The prophet Malachi brought a message of hope to a nation that knew repeated failure. After being restored to their homeland, the Jews had forgotten the one who had delivered them. We often make the same kind of mistake. As soon as we overcome our pressing problems, we forget the one who delivered us from them – God. Without a continued relationship with God, our hope of sustaining spiritual growth is slim at best. You and I need to keep our eyes on God, the source and means for our continued spiritual growth.
Situations that are out of your control will show whether you’re operating with pride and self-sufficiency, or with humility and dependence on God. If you’re willing to humbly depend on God and recognize you inability to handle everything on your own, you’ll see the power of God bring great changes in your life.
The experience of a man named Naaman illustrates how this is true. Naaman was a powerful military and political figure, a man of wealth, position, and power. He also had leprosy, an incurable disease that would slowly destroy his body. Lepers were made outcasts from their families and society. Ultimately, they faced a slow, painful, and disgraceful death.
Family is important. It provides relationships that will be your foundation through thick and thin your entire life. What’s more, families are where we get our foundation spiritually, emotionally, and intellectually. In short, families are the cradles of character.
But in Mark chapter three, Jesus demonstrates that as important as family truly is, it’s not what’s most important. The scene took place on a day when Jesus and His disciples were so overwhelmed by the crowds they didn’t even have time to eat. Jesus’ mother and brothers approached the house where Jesus was but couldn’t get in. So, they did the next best thing. They sent word inside that they wanted to speak to Jesus.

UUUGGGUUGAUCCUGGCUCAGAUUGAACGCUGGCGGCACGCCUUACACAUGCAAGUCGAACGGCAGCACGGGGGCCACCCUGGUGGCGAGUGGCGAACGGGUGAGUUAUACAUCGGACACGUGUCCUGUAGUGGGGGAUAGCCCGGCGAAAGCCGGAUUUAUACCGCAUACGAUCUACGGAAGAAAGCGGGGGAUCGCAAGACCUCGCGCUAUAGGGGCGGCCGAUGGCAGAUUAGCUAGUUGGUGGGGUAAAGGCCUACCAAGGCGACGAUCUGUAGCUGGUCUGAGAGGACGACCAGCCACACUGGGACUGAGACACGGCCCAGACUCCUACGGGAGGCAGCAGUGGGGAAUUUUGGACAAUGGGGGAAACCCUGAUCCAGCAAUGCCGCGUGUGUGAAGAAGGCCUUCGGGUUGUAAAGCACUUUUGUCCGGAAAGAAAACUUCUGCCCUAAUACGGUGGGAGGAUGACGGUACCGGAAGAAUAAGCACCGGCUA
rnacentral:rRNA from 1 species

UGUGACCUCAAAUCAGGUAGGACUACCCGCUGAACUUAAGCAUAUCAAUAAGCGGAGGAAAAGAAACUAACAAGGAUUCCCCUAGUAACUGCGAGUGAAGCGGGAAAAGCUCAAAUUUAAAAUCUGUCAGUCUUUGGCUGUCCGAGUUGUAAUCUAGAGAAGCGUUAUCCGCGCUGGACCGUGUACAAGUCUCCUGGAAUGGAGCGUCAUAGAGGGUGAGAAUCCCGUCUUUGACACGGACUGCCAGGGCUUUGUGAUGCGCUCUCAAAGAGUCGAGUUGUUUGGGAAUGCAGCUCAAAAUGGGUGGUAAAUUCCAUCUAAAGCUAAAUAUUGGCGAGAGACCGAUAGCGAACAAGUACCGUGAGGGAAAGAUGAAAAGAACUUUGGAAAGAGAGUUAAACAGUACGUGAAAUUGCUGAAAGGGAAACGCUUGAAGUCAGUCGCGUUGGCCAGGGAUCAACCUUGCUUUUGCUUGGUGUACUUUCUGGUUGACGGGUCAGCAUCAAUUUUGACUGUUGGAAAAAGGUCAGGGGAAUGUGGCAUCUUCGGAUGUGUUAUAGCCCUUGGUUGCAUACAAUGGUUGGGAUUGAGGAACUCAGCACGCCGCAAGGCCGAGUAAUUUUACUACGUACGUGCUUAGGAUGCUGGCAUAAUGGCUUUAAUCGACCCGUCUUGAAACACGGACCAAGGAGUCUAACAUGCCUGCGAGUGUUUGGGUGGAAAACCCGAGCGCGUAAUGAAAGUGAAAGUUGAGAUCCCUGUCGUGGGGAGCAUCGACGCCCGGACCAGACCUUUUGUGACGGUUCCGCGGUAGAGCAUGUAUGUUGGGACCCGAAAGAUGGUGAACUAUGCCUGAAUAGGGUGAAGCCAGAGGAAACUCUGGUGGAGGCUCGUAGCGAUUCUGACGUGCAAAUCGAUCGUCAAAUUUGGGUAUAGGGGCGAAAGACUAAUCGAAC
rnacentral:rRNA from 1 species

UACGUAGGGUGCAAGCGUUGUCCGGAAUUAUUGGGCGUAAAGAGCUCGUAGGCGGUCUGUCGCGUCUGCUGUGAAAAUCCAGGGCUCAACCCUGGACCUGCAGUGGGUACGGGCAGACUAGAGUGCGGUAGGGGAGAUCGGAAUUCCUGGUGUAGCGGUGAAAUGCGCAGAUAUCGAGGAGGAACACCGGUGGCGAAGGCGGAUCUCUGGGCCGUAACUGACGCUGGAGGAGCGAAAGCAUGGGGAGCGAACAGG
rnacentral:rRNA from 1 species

Imagine you are hiking in the mountains and you slip off the edge of a cliff. You grab hold of a bush with your hands, but you’re now dangling over hundreds of feet below. You’re safe for the moment, but you can’t hold on for long. You must have help that is immediate, good, and adequate.
Now suppose help appears. Someone reaches down and says, “Take my hand, and I’ll pull you up“. Will you do it? The answer depends on the helper. Suppose it’s someone you deeply offended at one time. He may be strong enough to help, but will he? Or suppose it’s a ten year old Boy Scout with 20 merit badges. You know he will do everything in his power to help, but does he have enough strength? What will persuade you to trust the help offered? You must be convinced of the good will, reliability, and strength of the helper.
An addiction is an illegitimate means of meeting a legitimate need. We use many things to fill the needs we have in our lives: money, shopping, gambling, drugs and alcohol to name a few. The ‘drug‘ of choice takes away the pain we are experiencing, even when we don’t acknowledge that the pain is real. Sometimes the pain isn’t even in our consciousness! Pain from past wounds is buried under the mounds of whatever it is we use to avoid the pain — money, shopping, and food.
How do you know if you’re addicted to food? Ask yourself some simple questions:
- Do I eat when I am experiencing strong emotions?
- Am I unaware of the quantity of food I eat?
- Do I know what it is like to feel hunger?
- Is there a particular food I crave when stressed?
- Do I rationalize my eating habits?